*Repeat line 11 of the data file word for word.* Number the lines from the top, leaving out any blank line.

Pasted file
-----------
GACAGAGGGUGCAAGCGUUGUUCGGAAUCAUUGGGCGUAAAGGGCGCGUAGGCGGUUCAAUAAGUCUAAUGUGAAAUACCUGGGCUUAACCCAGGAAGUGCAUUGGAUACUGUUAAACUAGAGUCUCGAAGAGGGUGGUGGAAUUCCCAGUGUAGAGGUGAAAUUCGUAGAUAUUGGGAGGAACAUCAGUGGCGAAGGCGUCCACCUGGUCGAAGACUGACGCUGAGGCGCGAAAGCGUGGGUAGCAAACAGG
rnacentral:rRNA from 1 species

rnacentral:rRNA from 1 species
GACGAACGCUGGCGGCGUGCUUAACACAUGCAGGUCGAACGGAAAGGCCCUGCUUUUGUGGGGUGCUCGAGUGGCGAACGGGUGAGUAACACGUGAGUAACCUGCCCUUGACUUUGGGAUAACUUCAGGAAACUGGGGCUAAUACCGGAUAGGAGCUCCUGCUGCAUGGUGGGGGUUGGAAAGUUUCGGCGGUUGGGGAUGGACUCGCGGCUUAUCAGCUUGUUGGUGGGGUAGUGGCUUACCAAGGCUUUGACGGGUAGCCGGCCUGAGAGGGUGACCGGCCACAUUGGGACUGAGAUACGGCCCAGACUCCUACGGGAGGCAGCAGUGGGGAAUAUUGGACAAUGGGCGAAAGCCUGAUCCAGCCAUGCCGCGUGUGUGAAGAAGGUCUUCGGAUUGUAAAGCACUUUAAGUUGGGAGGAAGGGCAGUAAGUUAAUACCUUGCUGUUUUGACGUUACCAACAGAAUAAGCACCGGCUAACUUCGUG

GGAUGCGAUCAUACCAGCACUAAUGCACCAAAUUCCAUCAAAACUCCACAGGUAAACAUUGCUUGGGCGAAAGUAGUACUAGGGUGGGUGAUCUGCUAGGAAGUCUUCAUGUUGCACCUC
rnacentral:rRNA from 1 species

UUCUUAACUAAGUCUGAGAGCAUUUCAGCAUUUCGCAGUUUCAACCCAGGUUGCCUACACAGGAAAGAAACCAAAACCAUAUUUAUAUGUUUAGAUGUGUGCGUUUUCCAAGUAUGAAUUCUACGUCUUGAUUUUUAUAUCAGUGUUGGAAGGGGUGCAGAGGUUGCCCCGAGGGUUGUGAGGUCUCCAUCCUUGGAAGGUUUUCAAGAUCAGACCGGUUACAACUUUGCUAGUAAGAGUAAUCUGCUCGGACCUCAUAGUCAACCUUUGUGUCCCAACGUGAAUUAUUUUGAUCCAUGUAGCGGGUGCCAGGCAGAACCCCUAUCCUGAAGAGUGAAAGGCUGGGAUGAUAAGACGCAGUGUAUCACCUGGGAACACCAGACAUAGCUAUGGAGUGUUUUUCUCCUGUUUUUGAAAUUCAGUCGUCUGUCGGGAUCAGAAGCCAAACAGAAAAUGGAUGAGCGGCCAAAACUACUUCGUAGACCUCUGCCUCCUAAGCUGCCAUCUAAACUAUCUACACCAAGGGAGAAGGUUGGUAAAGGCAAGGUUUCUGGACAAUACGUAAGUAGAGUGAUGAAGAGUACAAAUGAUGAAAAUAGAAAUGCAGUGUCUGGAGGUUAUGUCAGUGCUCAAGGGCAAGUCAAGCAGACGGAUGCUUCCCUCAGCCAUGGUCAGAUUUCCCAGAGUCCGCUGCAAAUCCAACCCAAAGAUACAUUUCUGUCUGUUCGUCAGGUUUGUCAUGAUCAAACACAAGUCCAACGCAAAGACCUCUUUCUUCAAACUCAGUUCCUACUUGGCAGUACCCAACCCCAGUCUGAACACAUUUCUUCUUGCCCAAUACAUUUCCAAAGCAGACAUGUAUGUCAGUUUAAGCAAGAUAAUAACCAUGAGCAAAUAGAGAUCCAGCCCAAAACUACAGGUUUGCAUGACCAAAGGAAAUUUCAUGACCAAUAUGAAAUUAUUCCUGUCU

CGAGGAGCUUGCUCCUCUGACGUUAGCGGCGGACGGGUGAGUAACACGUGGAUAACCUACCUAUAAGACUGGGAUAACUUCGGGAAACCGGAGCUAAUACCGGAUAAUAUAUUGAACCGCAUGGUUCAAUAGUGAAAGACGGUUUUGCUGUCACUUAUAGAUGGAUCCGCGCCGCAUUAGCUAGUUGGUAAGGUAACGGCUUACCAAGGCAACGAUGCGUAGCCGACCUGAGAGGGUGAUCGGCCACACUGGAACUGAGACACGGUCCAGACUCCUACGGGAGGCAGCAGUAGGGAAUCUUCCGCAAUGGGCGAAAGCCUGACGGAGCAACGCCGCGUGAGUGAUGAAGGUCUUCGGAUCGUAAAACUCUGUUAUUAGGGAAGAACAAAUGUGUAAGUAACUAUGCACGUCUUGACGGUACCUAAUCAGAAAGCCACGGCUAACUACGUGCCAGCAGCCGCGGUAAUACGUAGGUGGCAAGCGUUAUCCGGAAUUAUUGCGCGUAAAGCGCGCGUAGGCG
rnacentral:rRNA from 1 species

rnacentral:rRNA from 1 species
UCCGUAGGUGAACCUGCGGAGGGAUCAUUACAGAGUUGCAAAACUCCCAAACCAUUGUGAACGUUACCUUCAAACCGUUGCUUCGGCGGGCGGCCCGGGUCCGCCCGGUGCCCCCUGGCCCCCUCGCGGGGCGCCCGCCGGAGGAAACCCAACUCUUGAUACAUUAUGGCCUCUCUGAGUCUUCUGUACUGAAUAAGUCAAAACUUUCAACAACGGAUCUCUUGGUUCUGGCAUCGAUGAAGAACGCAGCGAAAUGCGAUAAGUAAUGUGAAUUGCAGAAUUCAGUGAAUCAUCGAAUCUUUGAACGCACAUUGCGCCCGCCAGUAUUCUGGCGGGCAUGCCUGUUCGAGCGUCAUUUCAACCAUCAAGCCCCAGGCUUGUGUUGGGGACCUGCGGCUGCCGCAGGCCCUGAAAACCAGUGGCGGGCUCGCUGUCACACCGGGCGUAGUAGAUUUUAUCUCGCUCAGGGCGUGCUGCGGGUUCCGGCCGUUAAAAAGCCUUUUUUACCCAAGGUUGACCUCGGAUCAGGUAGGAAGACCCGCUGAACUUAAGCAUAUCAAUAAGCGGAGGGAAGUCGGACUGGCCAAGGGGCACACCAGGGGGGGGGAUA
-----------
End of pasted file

UCCGUAGGUGAACCUGCGGAGGGAUCAUUACAGAGUUGCAAAACUCCCAAACCAUUGUGAACGUUACCUUCAAACCGUUGCUUCGGCGGGCGGCCCGGGUCCGCCCGGUGCCCCCUGGCCCCCUCGCGGGGCGCCCGCCGGAGGAAACCCAACUCUUGAUACAUUAUGGCCUCUCUGAGUCUUCUGUACUGAAUAAGUCAAAACUUUCAACAACGGAUCUCUUGGUUCUGGCAUCGAUGAAGAACGCAGCGAAAUGCGAUAAGUAAUGUGAAUUGCAGAAUUCAGUGAAUCAUCGAAUCUUUGAACGCACAUUGCGCCCGCCAGUAUUCUGGCGGGCAUGCCUGUUCGAGCGUCAUUUCAACCAUCAAGCCCCAGGCUUGUGUUGGGGACCUGCGGCUGCCGCAGGCCCUGAAAACCAGUGGCGGGCUCGCUGUCACACCGGGCGUAGUAGAUUUUAUCUCGCUCAGGGCGUGCUGCGGGUUCCGGCCGUUAAAAAGCCUUUUUUACCCAAGGUUGACCUCGGAUCAGGUAGGAAGACCCGCUGAACUUAAGCAUAUCAAUAAGCGGAGGGAAGUCGGACUGGCCAAGGGGCACACCAGGGGGGGGGAUA